Weird City Hip-Hop Canceled
Local festival’s second year is scratched out
By Kevin Curtin,
10:15AM, Mon. Aug. 31, 2015
Just 19 days before its scheduled kickoff, organizers have pulled the plug on Weird City Hip-Hop Fest. The cancellation comes as a result of poor pre-sales and scheduling conflicts with headliners.
“I can’t just say ‘shit happens,’ because that’s not fair to how big of a deal this is,” says Adam Protextor, a local rapper who founded Weird City along with his Austin Mic Exchange (AMX) partners Aaron Miller and Leah Manners. “This year’s festival isn’t happening due to circumstances beyond our control, but that doesn’t mean we’re giving up. Weird City is not dead.”
After a promising inaugural run last September, Weird City upped its ambitions in year two, acquiring genre headliners Danny Brown, Jay Electronica, Freddie Gibbs, Aesop Rock, and Charles Hamilton. While 2014 functioned as a block party by utilizing multiple clubs in the Red River district, the follow-up scheduled for Sept. 18-19 was designed to unify the event at Eastside lumber factory Delta Millworks. All pre-sale tickets for those shows will be refunded through Eventbrite.
Miller, who heads Weird City’s booking of Texas acts, maintains that Austin’s hip-hop culture deserves a dedicated festival.
“You have a very competitive scene here and it deserves availability,” he says. “Just because this year might have suffered from a difference of vision or a difference of execution, that doesn’t reflect on the community that still wants to see it. I don’t want people to say, ‘Well I guess Austin just doesn’t like rap enough.’
“That’s an oversimplification.”
Both last year and this year, AMX co-promoted Weird City with Heard Entertainment, a booking concern operated by Stephen Sternschein, owner of downtown club Empire Control Room. Protextor says the two entities are ending their partnership on Weird City.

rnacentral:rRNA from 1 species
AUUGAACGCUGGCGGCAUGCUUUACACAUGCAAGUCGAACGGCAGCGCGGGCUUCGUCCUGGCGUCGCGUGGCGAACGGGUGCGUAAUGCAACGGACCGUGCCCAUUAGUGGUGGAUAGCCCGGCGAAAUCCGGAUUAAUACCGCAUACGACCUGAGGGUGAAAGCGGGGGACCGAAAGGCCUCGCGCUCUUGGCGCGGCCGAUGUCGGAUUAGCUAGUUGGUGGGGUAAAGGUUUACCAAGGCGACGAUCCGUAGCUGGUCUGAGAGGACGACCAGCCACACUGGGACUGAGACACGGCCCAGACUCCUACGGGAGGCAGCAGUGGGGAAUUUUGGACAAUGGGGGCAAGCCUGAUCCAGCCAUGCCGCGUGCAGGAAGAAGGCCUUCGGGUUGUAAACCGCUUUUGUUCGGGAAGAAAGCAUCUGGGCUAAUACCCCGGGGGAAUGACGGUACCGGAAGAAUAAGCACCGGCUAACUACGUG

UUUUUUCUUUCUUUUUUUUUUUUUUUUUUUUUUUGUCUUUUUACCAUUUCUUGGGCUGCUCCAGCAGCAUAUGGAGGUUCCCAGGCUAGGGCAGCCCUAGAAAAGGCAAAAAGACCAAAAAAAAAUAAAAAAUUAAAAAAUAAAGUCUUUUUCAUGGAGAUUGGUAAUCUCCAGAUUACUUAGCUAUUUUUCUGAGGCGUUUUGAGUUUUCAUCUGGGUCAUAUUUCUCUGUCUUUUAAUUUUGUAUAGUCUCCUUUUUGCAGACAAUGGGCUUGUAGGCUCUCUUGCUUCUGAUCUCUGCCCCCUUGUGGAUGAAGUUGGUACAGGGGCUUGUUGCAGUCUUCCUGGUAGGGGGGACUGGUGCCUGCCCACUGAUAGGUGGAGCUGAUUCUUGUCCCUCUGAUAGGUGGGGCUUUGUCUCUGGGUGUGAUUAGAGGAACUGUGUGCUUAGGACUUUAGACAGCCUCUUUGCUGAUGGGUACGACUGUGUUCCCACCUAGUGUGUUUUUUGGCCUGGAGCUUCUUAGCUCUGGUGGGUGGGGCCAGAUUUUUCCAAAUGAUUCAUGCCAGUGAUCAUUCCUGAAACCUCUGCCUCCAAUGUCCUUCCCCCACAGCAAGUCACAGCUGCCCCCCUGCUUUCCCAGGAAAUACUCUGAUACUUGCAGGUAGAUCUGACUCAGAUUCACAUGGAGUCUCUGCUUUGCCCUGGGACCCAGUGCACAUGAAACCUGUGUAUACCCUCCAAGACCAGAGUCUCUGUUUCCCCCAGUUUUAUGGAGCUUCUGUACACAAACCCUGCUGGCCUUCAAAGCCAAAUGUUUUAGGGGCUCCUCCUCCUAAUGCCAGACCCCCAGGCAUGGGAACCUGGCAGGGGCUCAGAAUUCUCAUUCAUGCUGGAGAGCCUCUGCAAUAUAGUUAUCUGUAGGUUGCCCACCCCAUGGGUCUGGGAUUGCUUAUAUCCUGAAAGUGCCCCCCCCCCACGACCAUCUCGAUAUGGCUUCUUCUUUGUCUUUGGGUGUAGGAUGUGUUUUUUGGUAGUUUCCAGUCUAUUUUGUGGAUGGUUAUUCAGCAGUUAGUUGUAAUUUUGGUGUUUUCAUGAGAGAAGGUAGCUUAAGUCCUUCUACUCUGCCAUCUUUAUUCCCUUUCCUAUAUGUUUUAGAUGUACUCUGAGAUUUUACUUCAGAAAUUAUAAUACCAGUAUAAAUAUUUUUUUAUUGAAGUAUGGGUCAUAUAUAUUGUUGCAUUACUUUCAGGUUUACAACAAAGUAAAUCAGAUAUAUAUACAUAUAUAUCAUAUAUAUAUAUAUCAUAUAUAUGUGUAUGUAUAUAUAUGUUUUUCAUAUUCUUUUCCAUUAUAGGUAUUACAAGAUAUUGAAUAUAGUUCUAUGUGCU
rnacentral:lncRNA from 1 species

“Our amicable split with Empire was based on the fact that the festival’s not happening this year, but we’re going to do Weird City next year and we look forward to figuring it out,” confirms the MC.
Sternschein, who secured the fest’s headliners, won’t divulge any specific scheduling conflicts, but popular Detroit rapper Danny Brown’s tour dates have him in West Virginia and Massachusetts the same weekend as Weird City. Sternschein says the talent budget this year was significantly higher than last fall’s, which made pre-sales an increasingly pressing issue.
“Everything about what we’re doing was taken up a notch,” he says. “We turned it up to 11 because what we got out of it last year was that there’s a need and audience for it. I think that’s still the case and there are a number of other opportunities for people to rally around hip-hop in Austin.”
The Empire owner hopes to bring all of Weird City’s cancelled headliners back to Austin for independent club shows in the future. For a promoter, he says, canceling a show is “the worst thing in the world.”
“But ticket sales were low enough that instead of gritting and bearing it, it was a wiser financial decision to pull the plug,” says Sternschein. “There was a lot of things we could look at and say, ‘I could have this or that different,’ but the bottom line with shows is that sometimes you do everything you can and you push really hard and, for whatever reason, it doesn’t stick.
“We charged up the hill and looked back, and there wasn’t anyone there.”